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JeffreyKeeten

JeffreyKeeten

The Year of the Flood - Margaret Atwood "Glenn (Crake) used to say the reason you can't really imagine yourself being dead was that as soon as you say, "I'll be dead," you've said the word I, and so you're still alive inside the sentence. And that's how people got the idea of the immortality of the soul--it was a consequence of grammar. And so was God, because as soon as there's a past tense, there has to be a past before the past, and you keep going back in time until you get to I don't know; and that's what God is."

Animals have evaporated from the planet crushed under the dominance of the human race. Scientists have unraveled the DNA of life and are populating the world with creatures that are blends of several species. The future is about gene splitting and synthetic drugs and powerful corporations with names like CorpSeCorps have been formed around the creation of a flood of genetically mutated products. There is an addictive form of coffee called Happicuppas and an equally addictive form of a mysterious meat source burger called, with no deception, Secretburgers. There are Liobams (cross between a lion and a lamb), pigoons (creatures engineered for organ harvest), Mo'hair (sheeps with human hair),pigs with human brain tissue, rakunks (animals bred to be good pets), green haired glow in the dark rabbits, and snats (an experimental hybrid of a snake and rat). There are a genetically engineered blob-like chicken that produces only breast meat. This creature, if you can call it a creature, is the source for the popular take out food outlet ChickieNob Nubbins.

Snat

The story revolves around two women/girls named Toby and Ren who at bisecting points spend time under the protective wing of The God's Gardners. A group of naturalists that are vehemently vegetarian. They are lead by Adams and Eves, differentiated by numerals, who see themselves as the beginning of the rebuilding of the Earth. Neither woman is a firm believer, but stay because the alternatives in this chaotic world are rather grim. Toby escaped from the drudgery work of a Secretburger outlet where the manager, Blanco, demands degrading acts of sexual gratification for her continued employment. Even after she escapes his clutches he continues to be a menacing presence in her life. Blanco is like the Terminator... he just won't die. He is punished for his many criminal acts by being sent into a game called Painballer where instead of paint pellets participant's weapons are loaded with an acidic compound. He survives not only one, but several campaigns into the arena and when not creating mayhem for other people he continues to hunt for Toby.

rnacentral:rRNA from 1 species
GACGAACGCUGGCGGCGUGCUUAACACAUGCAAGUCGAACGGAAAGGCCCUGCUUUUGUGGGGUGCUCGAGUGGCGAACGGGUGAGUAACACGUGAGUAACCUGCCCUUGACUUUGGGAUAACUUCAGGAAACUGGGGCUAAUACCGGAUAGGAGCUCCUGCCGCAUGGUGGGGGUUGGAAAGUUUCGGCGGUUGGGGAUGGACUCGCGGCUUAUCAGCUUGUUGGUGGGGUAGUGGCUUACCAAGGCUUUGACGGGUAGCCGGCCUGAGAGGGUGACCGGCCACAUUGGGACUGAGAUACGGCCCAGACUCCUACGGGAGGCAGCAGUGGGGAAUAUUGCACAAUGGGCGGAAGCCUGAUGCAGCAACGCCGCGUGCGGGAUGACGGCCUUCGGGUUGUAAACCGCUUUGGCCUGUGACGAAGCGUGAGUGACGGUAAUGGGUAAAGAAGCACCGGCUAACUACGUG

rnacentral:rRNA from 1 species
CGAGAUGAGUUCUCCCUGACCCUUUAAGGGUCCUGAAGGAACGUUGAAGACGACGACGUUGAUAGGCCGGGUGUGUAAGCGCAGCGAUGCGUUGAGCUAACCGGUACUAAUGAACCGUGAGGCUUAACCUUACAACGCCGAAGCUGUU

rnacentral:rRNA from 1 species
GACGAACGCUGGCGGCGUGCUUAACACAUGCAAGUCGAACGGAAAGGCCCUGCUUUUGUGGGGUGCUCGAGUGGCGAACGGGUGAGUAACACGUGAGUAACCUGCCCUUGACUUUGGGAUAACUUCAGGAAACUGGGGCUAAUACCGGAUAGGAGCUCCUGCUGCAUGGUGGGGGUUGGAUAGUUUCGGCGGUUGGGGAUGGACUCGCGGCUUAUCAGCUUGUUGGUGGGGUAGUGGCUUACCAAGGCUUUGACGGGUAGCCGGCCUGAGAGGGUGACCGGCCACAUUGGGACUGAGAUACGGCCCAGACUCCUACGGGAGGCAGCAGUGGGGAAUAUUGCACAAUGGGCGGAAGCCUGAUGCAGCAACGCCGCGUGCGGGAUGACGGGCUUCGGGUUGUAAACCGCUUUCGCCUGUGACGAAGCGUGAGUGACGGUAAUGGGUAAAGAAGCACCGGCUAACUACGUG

Ren's mother falls in lust with one of the Gardeners and leaves her cushy position as the wife of a corporate executive to join The God's Gardeners. She takes Ren with her and when the relationship sours she takes Ren back to her father with a dramatic story of her abduction and degradation by the Gardeners. Ren later becomes a trapeze artist at a high end sex club called The Scales and Tails.

The world unravels when Crake releases the Blysspluss pill that is advertised as the greatest sexual experience of your life. It activates a plague that effectively wipes a large percentage of the population off the planet. Through luck, more than skill, both Toby and Ren survive the outbreak.

This book weaves around the book Oryx and Crake and is the second book in a proposed trilogy. It isn't even really a continuation of the story, but tracks over the same ground from a different perspective. We learn more background about Jimmy (the Snowman)and Glenn (Crake). I loved Oryx and Crake and this book is a shadow of O&C mainly because even though I am exposed to more elements not covered in the first book...the plot does not advance. If you liked O&C you probably should read this one. It reads fast and you will appreciate having your view of this world expanded. I believe the third book will determine how highly elevated this trilogy will be regarded. I highly recommend reading O&C before embarking on The Year of the Flood.

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The thing of it is Margaret Atwood is brilliant, and I have a feeling she has a wonderful surprise in store for us with the much anticipated conclusion. You will only be slightly disappointed in this book, maybe my expectations were too high for a middle book, but it is well worth the few hours of your time.